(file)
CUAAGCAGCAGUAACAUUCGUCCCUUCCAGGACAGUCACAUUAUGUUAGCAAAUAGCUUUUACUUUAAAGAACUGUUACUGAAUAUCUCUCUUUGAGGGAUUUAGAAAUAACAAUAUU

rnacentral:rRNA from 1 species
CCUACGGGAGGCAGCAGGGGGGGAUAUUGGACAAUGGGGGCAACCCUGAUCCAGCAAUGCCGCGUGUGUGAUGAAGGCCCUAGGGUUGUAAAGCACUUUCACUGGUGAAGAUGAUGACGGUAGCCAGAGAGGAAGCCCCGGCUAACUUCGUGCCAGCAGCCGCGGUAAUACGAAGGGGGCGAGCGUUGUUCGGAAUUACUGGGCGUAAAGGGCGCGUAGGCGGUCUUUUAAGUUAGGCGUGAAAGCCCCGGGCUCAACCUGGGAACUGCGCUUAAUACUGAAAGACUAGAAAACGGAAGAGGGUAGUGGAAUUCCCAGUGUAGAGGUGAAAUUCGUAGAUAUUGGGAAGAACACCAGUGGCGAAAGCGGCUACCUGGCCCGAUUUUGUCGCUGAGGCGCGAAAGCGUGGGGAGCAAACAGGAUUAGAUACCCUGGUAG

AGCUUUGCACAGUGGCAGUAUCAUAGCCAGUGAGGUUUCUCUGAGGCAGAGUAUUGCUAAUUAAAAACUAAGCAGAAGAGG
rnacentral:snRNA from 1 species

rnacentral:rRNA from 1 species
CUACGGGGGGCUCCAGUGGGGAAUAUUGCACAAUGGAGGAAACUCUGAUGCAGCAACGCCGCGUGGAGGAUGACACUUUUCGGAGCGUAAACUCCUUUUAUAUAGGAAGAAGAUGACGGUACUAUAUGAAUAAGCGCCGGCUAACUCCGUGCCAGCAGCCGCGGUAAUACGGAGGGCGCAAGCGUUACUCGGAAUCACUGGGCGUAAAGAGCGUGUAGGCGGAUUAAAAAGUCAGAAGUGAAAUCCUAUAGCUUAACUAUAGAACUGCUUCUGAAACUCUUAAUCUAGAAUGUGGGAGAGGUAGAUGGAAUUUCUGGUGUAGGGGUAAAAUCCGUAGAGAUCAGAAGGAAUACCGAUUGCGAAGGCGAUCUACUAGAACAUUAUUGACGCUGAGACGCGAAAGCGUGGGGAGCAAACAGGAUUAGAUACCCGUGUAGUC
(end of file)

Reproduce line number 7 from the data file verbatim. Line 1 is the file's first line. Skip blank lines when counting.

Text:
CUACGGGGGGCUCCAGUGGGGAAUAUUGCACAAUGGAGGAAACUCUGAUGCAGCAACGCCGCGUGGAGGAUGACACUUUUCGGAGCGUAAACUCCUUUUAUAUAGGAAGAAGAUGACGGUACUAUAUGAAUAAGCGCCGGCUAACUCCGUGCCAGCAGCCGCGGUAAUACGGAGGGCGCAAGCGUUACUCGGAAUCACUGGGCGUAAAGAGCGUGUAGGCGGAUUAAAAAGUCAGAAGUGAAAUCCUAUAGCUUAACUAUAGAACUGCUUCUGAAACUCUUAAUCUAGAAUGUGGGAGAGGUAGAUGGAAUUUCUGGUGUAGGGGUAAAAUCCGUAGAGAUCAGAAGGAAUACCGAUUGCGAAGGCGAUCUACUAGAACAUUAUUGACGCUGAGACGCGAAAGCGUGGGGAGCAAACAGGAUUAGAUACCCGUGUAGUC